Arbaugh Appoints Gluhanich Treasurer of Student Senate
By Benjamin Pontz, Editor-in-Chief
After one election, Haley Gluhanich ’19 was set to be Student Senate’s president and Nick Arbaugh ’20 was to be its treasurer. Now, the roles are reversed.
Arbaugh, who was elected president in the second balloting after Gluhanich, who won the presidency in the original election, was barred from running in the second balloting after an investigation found her responsible of committing election infractions, confirmed to The Gettysburgian that he used his prerogative as Student Senate President to fill vacancies on the executive board and made the decision to appoint Gluhanich as treasurer last week.
The decision came after what Arbaugh described as “healthy discussion” among members of the executive board. Gluhanich was one of three applicants for the vacant position, which Arbaugh resigned upon his election as president.
“We wanted a candidate with experience, with integrity, and with new ideas to streamline Senate,” Arbaugh, who supported Gluhanich’s candidacy for president in the first round of balloting, said. “We found that in Haley.”
Arbaugh downplayed the role of the election investigation earlier in the spring as a factor in his decision.
“Candidates were judged on their individual merit and the value of what they could bring to the table,” he said, adding that the result of the investigation “wasn’t a major factor in the decision.”
The other two candidates were Alexander Xie ’20 and Harrison Curtis ’19.
Xie served as a senator for the Class of 2020 before he was removed from office due to violations of the attendance policy; he subsequently ran for both president and secretary in the second round of elections, but was not elected to either position. He did win election as a senator for the Class of 2020 after appearing as the only candidate on the ballot for the fall and one of four candidates seeking to fill the four slots in the spring. In an email, Xie said that he does not have any concerns with Gluhanich’s selection, and he intends to move forward as an elected senator in the fall.
Curtis served as a senator for the Class of 2019 in the fall semester of 2017-18 academic year, but was off campus during the spring. He did not immediately respond to a request for comment on his plans moving forward, but he was not a candidate for senator in the fall.
For her part, Gluhanich said she looks forward to moving past last spring’s investigation and returning to “something I love.”
“I would like to believe that I am very resilient person, so just because I was no longer allowed to be Student Senate President did not mean I was going to stop doing something that I enjoy,” she said.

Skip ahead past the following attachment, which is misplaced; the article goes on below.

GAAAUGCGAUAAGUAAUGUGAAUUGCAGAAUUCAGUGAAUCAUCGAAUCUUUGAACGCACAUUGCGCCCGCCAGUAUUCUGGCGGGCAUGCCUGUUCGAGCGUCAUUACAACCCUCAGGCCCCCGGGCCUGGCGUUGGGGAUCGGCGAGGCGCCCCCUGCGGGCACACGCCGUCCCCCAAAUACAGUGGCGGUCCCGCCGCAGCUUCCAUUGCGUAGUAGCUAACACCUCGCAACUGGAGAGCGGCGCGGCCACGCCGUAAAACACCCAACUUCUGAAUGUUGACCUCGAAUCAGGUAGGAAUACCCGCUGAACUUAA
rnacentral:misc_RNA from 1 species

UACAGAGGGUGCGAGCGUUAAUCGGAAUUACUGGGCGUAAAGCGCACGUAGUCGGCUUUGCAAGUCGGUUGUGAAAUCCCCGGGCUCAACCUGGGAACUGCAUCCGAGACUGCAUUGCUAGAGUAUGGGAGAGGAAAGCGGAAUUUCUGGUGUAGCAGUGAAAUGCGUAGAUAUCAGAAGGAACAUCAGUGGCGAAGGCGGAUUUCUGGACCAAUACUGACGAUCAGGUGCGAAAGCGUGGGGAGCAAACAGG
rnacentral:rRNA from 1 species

She cited improving accountability procedures for club spending and “help[ing] clubs be more fiscally responsible” as primary goals for her tenure as treasurer.
The Senate Treasurer serves as chair of the Budget Management Committee (BMC), which oversees Senate’s annual budget for new initiatives. For the 2017-18 academic year, that budget was $91,511. BMC hears and approves budget requests before they go to the full Senate for a vote. As such, the BMC exercises significant authority to revise and pare down club budgets, which happened with increasing frequency during the 2017-18 academic year. Whereas Senate dipped into its rollover account for $23,000 at the end of the 2016-17 academic year, it had leftover funds at the end of 2017-18, of which it spent $20,000 to purchase and install eight new water bottle fillers and $2,500 for charitable contributions.
Gluhanich asserted the importance of good process in allocating Senate’s budget.
“I believe that when clubs follow all the steps in a proper time frame,” she said, “Senate will be able to flow even more efficiently.”
As for other plans while a member of the Senate Executive Board, Gluhanich expressed a desire to add more clarity to the Senate Bylaws and Constitution after her experience last spring, which centered on whether knocking on students’ doors with the digital ballot in hand constitutes “voter intimidation.”
Both Gluhanich and incoming secretary Marisa Balanda ’21, who went door-to-door with Gluhanich and was also found responsible for violating election procedures but was permitted to stand for election in the second balloting for secretary, have expressed a desire to codify those procedures.
“I think by changing very vague procedures within the Constitution and Bylaws to be more detailed would be a good start,” Gluhanich said.
With Gluhanich duly appointed as treasurer, the Senate Executive Board is now fully constituted. Vacancies remain for three senators to represent the Class of 2020 in the fall as well as for several class officer positions both in the classes of both 2019 and 2020. Those positions will be filled in the fall.